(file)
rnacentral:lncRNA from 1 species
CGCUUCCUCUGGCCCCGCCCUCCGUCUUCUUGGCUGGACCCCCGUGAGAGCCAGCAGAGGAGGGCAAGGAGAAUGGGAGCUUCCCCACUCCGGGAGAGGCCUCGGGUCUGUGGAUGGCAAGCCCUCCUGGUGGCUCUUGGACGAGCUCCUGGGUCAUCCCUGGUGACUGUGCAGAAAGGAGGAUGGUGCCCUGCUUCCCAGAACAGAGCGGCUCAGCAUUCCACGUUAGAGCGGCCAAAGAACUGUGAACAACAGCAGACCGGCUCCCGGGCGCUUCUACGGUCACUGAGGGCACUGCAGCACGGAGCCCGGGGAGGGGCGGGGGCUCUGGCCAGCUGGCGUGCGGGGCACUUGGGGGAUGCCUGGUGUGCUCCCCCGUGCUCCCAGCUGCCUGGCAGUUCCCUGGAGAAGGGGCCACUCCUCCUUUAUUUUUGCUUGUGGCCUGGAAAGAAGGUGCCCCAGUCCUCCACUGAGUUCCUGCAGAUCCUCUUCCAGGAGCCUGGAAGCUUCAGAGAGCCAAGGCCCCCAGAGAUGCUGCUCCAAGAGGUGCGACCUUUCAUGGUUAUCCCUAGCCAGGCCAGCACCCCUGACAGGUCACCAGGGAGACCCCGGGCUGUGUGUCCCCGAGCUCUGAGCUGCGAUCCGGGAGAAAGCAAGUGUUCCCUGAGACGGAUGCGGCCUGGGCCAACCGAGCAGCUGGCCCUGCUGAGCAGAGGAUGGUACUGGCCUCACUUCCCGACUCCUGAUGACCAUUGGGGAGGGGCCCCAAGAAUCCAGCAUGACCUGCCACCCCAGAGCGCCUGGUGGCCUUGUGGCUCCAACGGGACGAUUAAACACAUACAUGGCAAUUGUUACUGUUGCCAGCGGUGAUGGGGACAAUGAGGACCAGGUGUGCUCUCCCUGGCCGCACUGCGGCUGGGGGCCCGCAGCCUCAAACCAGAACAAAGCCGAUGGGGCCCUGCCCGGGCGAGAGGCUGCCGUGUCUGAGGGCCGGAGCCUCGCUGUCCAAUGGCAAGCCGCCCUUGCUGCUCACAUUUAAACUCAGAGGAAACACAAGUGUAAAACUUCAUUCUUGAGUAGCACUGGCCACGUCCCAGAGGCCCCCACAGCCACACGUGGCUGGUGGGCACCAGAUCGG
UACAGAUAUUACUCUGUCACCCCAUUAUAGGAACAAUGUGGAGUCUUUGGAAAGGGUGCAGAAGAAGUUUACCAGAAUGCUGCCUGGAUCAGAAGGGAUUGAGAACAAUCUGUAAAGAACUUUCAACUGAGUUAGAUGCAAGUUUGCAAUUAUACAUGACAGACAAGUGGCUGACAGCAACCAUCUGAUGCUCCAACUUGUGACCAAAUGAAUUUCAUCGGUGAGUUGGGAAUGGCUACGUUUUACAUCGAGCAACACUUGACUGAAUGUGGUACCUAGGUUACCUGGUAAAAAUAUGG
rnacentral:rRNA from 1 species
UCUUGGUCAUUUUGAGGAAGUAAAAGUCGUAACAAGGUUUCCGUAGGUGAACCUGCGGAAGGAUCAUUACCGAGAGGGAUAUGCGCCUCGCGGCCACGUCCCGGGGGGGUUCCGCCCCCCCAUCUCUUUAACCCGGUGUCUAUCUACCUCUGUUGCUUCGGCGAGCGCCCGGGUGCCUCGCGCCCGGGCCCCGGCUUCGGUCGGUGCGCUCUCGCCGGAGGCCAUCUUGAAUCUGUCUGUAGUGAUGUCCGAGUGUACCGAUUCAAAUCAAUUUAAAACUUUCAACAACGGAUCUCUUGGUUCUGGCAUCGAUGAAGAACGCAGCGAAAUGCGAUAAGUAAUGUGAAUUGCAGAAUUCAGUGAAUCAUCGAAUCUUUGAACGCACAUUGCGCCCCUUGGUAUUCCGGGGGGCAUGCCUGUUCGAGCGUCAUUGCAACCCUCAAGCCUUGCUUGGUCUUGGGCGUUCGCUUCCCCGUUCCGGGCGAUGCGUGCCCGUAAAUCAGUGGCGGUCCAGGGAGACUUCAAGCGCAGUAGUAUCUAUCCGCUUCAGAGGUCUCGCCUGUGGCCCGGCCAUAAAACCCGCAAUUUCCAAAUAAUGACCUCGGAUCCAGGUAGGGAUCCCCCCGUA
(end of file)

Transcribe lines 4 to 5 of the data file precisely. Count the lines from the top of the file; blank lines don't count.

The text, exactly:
rnacentral:rRNA from 1 species
UCUUGGUCAUUUUGAGGAAGUAAAAGUCGUAACAAGGUUUCCGUAGGUGAACCUGCGGAAGGAUCAUUACCGAGAGGGAUAUGCGCCUCGCGGCCACGUCCCGGGGGGGUUCCGCCCCCCCAUCUCUUUAACCCGGUGUCUAUCUACCUCUGUUGCUUCGGCGAGCGCCCGGGUGCCUCGCGCCCGGGCCCCGGCUUCGGUCGGUGCGCUCUCGCCGGAGGCCAUCUUGAAUCUGUCUGUAGUGAUGUCCGAGUGUACCGAUUCAAAUCAAUUUAAAACUUUCAACAACGGAUCUCUUGGUUCUGGCAUCGAUGAAGAACGCAGCGAAAUGCGAUAAGUAAUGUGAAUUGCAGAAUUCAGUGAAUCAUCGAAUCUUUGAACGCACAUUGCGCCCCUUGGUAUUCCGGGGGGCAUGCCUGUUCGAGCGUCAUUGCAACCCUCAAGCCUUGCUUGGUCUUGGGCGUUCGCUUCCCCGUUCCGGGCGAUGCGUGCCCGUAAAUCAGUGGCGGUCCAGGGAGACUUCAAGCGCAGUAGUAUCUAUCCGCUUCAGAGGUCUCGCCUGUGGCCCGGCCAUAAAACCCGCAAUUUCCAAAUAAUGACCUCGGAUCCAGGUAGGGAUCCCCCCGUA